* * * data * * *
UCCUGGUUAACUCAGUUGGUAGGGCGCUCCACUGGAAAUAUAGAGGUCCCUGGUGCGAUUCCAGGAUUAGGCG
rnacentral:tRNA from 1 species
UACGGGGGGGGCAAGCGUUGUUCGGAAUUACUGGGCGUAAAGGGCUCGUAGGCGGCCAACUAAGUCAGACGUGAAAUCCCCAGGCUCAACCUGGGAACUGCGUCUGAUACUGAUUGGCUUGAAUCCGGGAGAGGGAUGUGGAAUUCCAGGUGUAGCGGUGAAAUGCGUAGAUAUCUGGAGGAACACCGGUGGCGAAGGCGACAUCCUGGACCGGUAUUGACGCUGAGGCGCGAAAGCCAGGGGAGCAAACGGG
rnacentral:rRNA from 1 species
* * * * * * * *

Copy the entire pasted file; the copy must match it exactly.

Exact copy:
UCCUGGUUAACUCAGUUGGUAGGGCGCUCCACUGGAAAUAUAGAGGUCCCUGGUGCGAUUCCAGGAUUAGGCG
rnacentral:tRNA from 1 species
UACGGGGGGGGCAAGCGUUGUUCGGAAUUACUGGGCGUAAAGGGCUCGUAGGCGGCCAACUAAGUCAGACGUGAAAUCCCCAGGCUCAACCUGGGAACUGCGUCUGAUACUGAUUGGCUUGAAUCCGGGAGAGGGAUGUGGAAUUCCAGGUGUAGCGGUGAAAUGCGUAGAUAUCUGGAGGAACACCGGUGGCGAAGGCGACAUCCUGGACCGGUAUUGACGCUGAGGCGCGAAAGCCAGGGGAGCAAACGGG
rnacentral:rRNA from 1 species